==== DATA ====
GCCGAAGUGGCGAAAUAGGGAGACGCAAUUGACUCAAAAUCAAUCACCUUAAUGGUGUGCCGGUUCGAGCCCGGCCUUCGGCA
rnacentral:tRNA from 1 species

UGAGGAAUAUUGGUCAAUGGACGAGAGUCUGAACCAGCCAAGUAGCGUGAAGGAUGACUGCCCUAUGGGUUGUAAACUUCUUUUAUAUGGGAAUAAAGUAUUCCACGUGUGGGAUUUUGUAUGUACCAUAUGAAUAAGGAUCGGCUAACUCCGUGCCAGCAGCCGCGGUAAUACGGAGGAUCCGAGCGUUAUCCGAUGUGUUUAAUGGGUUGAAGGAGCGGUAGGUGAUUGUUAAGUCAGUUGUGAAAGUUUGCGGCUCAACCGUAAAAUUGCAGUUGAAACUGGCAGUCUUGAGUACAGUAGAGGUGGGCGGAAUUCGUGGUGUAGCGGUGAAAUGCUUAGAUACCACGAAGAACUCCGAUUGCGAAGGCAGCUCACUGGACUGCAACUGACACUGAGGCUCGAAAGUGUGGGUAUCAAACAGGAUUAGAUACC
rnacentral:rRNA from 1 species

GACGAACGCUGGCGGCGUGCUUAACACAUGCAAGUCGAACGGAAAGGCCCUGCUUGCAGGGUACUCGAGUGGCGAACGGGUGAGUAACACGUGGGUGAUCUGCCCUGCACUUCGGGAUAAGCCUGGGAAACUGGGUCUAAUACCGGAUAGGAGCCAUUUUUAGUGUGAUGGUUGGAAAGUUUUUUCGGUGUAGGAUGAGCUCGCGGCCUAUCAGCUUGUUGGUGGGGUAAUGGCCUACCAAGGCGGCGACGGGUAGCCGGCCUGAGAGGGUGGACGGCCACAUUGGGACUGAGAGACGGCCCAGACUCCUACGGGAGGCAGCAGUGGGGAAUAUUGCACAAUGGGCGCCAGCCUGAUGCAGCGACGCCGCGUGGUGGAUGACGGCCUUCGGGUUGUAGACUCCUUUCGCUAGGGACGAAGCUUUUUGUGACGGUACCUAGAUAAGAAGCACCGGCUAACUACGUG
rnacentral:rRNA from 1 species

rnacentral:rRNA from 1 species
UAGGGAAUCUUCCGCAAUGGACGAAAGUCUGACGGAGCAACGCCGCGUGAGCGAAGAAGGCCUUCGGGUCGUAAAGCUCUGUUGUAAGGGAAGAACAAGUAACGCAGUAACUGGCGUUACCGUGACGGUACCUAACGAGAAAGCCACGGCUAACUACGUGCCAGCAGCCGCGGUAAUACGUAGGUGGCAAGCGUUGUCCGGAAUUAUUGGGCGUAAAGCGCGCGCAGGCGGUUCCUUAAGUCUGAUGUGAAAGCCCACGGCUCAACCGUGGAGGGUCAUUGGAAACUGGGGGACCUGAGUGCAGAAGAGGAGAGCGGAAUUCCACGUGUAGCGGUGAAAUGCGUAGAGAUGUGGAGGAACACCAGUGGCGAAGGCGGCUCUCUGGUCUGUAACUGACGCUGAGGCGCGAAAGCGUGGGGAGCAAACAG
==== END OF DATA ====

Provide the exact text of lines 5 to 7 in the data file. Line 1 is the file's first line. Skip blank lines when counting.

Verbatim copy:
GACGAACGCUGGCGGCGUGCUUAACACAUGCAAGUCGAACGGAAAGGCCCUGCUUGCAGGGUACUCGAGUGGCGAACGGGUGAGUAACACGUGGGUGAUCUGCCCUGCACUUCGGGAUAAGCCUGGGAAACUGGGUCUAAUACCGGAUAGGAGCCAUUUUUAGUGUGAUGGUUGGAAAGUUUUUUCGGUGUAGGAUGAGCUCGCGGCCUAUCAGCUUGUUGGUGGGGUAAUGGCCUACCAAGGCGGCGACGGGUAGCCGGCCUGAGAGGGUGGACGGCCACAUUGGGACUGAGAGACGGCCCAGACUCCUACGGGAGGCAGCAGUGGGGAAUAUUGCACAAUGGGCGCCAGCCUGAUGCAGCGACGCCGCGUGGUGGAUGACGGCCUUCGGGUUGUAGACUCCUUUCGCUAGGGACGAAGCUUUUUGUGACGGUACCUAGAUAAGAAGCACCGGCUAACUACGUG
rnacentral:rRNA from 1 species

rnacentral:rRNA from 1 species